Bath et al. (2006) demonstrated that apatite crystals from Mount Polley show fractured inclusion-rich cores and fracture-free inclusion-poor rims with cores enriched in sulfur (4,000–5,500 ppm) compared to crystal rims (2,000–3,500 ppm). The decrease in the solubility of sulfur into apatite was attributed to the fluids/melt becoming more reduced, decrease in pressure, increase in temperature, and/or decrease of sulfur within the melt/fluids (Bath et al., 2006).
Moreover, apatites associated with porphyry copper deposits are commonly Cl rich (e.g., Roegge et al., 1974). Thus, apatite can be used as a record for chloride content of the crystalizing melt which may have played a key role in transporting copper (Holland, 1972). Bath et al. (2013), in a study of the East Repulse gold deposit, Australia, showed that fluorine content of apatite decreases at shallower levels in the mineralized zone and suggested that apatite can be used to show pathways of oxidizing fluids. More recently, Ding et al. (2015) used apatite major and trace element concentrations and 87Sr/86Sr ratios in southern China to show that the granodiorite porphyry intrusions related to Cu-Pb-Zn mineralization were oxidized, whereas those related to W and Sn deposits were moderately oxidized to reduced.
Luminescence is a property of apatite that is caused by transition metal, REE, and anion substitutions (Waychunas, 2002). Apatite is readily stimulated to luminescence under ultraviolet (UV) light, i.e., fluorescence, or by an electron beam, i.e., cathodoluminescence (CL). Early work by Williams and Cesbron (1977) showed that apatite from porphyry copper deposits displays a characteristic bright orange fluorescence under UV light and displays a complicated history of corrosion and redeposition. They showed that apatite with such characteristics could commonly be detected up to 1 km away from the intrusive core of a mineralized system. Other studies showed that apatites from different deposit types display diagnostic CL emissions. For example, Mariano (1988) and Kempe and Götze (2002) have shown that apatite from mineralization related to carbonatites commonly displays blue CL, and that from peralkaline syenite has pink-violet CL due to activation by trace quantities of rare earth element ions (Ce3+, Eu2+, Sm3+, Dy3+, and Nd3+), whereas those from P-rich granite show strong Mn2+-activated yellow-greenish luminescence. Therefore, luminescence provides a powerful tool to study internal structures and alteration features in apatite in detail, and obtain rapid and essential information on rock formation and mineralization processes.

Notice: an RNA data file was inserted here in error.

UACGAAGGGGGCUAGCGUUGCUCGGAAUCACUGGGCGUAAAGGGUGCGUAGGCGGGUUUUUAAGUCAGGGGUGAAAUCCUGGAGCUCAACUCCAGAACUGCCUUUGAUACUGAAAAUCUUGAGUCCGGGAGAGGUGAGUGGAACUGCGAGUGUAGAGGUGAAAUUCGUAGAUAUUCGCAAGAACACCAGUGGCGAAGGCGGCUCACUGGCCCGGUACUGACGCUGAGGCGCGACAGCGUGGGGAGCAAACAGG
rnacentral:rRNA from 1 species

Materials and Methods
Samples were selected from different, well-characterized alteration assemblages and unaltered host rocks at Highland Valley (33 samples), Mount Polley (8), Huckleberry (7), as well as the Endako (6) porphyry molybdenum deposit to determine and characterize the occurrence of resistate minerals.
Samples were evaluated petrographically employing optical and CL microscopy and scanning electron microscopy (SEM) to characterize the abundance and physical properties of apatite, including shape, size, color, and luminescence. Selected grains were analyzed by electron-probe microanalysis (EPMA) and laser ablation inductively coupled plasma mass spectrometry (LA-ICP-MS) for their major and trace element compositions in order to test whether there are key chemical features in apatite that are unique to mineralized porphyry copper deposits. All analyses were conducted at the Department of Earth, Ocean and Atmospheric Sciences, University of British Columbia, Canada.
A Cambridge Image Technology Ltd. MK 4A model cold CL stage mounted on a petrographic microscope was used to study the internal textures of the apatite grains. The samples were irradiated in a vacuum chamber with an electron beam of approximately 15 kV and the current set at 350 to 500 μA. Petrographic studies of apatite grains under transmitted light, SEM, and CL showed that most grains did not have obvious inclusions, and those inclusions that could be observed were small in size (<0.5 μm). Areas suspected of having inclusions were avoided during the analyses. Electron-probe microanalyses of apatite were conducted using a fully automated CAMECA SX-50 instrument, operating in the wavelengthdispersion mode with the following operating conditions: excitation voltage, 15 kV; beam current, 10 nA; peak count time, 20 s (40 s for F, Cl); background count-time, 10 s (20 s for Cl); spot diameter of 10 μm for improved detection of more volatile elements or elements thought to be affected by diffusion processes such as F, Cl, and Na (Stormer et al., 1993). For the elements considered, the following standards, X-ray lines, and crystals were used: albite, NaKα, TAP; kyanite, AlKα, TAP; diopside, MgKα, TAP; apatite, PKα, TAP; apatite, CaKα, PET; barite, SKα, PET; synthetic rhodonite, MnKα, LIF; SrTiO3, SrLα, TAP, topas, FKα, TAP; scapolite, and ClKα, PET. Data reduction involved the “PAP” φ(ρZ) method (Pouchou and Pichoir, 1985).